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Convention of Peking

 

Convention of Peking

Convention of Peking
Traditional Chinese 北京條約
Simplified Chinese 北京条约

The Convention of Peking (or First Convention of Peking) is an agreement comprising three distinct treaties concluded between the Qing Empire (China) and the United Kingdom, France, and Russia in 1860. In China they are regarded as among the unequal treaties.

Contents

  • Background 1
  • Terms 2
  • Aftermath 3
  • See also 4
  • References 5
  • External links 6

Background

On 18 October 1860, at the culmination of the Second Opium War, the British and French troops entered the Forbidden City in Beijing. Following the decisive defeat of the Chinese, Prince Gong was compelled to sign two treaties on behalf of the Qing government with Lord Elgin and Baron Gros, who represented Britain and France respectively.[1] Although Russia had not been a belligerent, Prince Gong also signed a treaty with Nikolay Ignatyev.

The original plan was to burn down the Forbidden City as punishment for the mistreatment of Anglo-French prisoners by Qing officials. Because doing so would jeopardize the treaty signing, the plan shifted to burning the Old Summer Palace and Summer Palace instead.[1] The treaties with France and Britain were signed in the Ministry of Rites building immediately south of the Forbidden City on 24 October 1860.[2]

Terms

Prince Gong, photographed by Felice Beato, 2 November 1860, just days after he signed the treaty on the 24 Oct. 1860.[1]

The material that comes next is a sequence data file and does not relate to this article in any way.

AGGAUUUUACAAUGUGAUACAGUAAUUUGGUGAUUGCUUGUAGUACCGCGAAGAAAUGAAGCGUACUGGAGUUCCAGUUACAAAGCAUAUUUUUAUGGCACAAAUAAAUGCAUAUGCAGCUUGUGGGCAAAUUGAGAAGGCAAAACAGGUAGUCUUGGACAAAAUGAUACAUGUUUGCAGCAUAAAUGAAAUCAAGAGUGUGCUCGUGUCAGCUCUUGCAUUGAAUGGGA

In the Convention, the Xianfeng Emperor ratified the Treaty of Tientsin (1858).

The area known as Kowloon was originally leased in March 1860. The Convention of Peking ended the lease, and ceded the land formally to the British on 24 October 1860.[3]

Article 6 of the Convention between China and the United Kingdom stipulated that China was to cede the part of Kowloon Peninsula south of present-day Boundary Street, Kowloon, and Hong Kong (including Stonecutters Island) in perpetuity to Britain.

Article 6 of the Convention between China and France stipulated that "the religious and charitable establishments which were confiscated from Christians during the persecutions of which they were victims shall be returned to their owners through the French Minister in China".[4]

The treaty also ceded parts of Outer Manchuria to the Russian Empire. It granted Russia the right to the Ussuri krai, a part of the modern day Primorye, the territory that corresponded with the ancient Manchu province of East Tartary. See Treaty of Aigun (1858), Treaty of Nerchinsk (1689) and Sino-Russian border conflicts. In China, the treaty is labelled an unequal treaty.

Aftermath

The governments of the United Kingdom and the People's Republic of China (PRC) concluded the Sino-British Joint Declaration on the Question of Hong Kong in 1984, under which the sovereignty of the leased territories, together with Hong Kong Island, ceded under the Treaty of Nanking (1842), and Kowloon Peninsula (south of Boundary Street), was transferred to the PRC on 1 July 1997.

The parts of Outer Manchuria ceded to Russia were never returned and remain part of Russia today.

See also

References

  1. ^ a b c Harris, David. Van Slyke, Lyman P. [2000] (2000). Of Battle and Beauty: Felice Beato's Photographs of China. University of California Press. ISBN 0-89951-100-7
  2. ^ Naquin, Susan. [2000] (2000). Peking: Temples and City Life, 1400-1900. University of California Press. ISBN 0-520-21991-0
  3. ^  
  4. ^  "The Church in China".  

External links

  • A timeline of the history of Hong Kong from 1840 to 1999
  • Full text of the Convention of Peking between China and the United Kingdom
  • Full text of the Convention of Peking between China and France
  • Full text of the Convention of Peking between China and Russia
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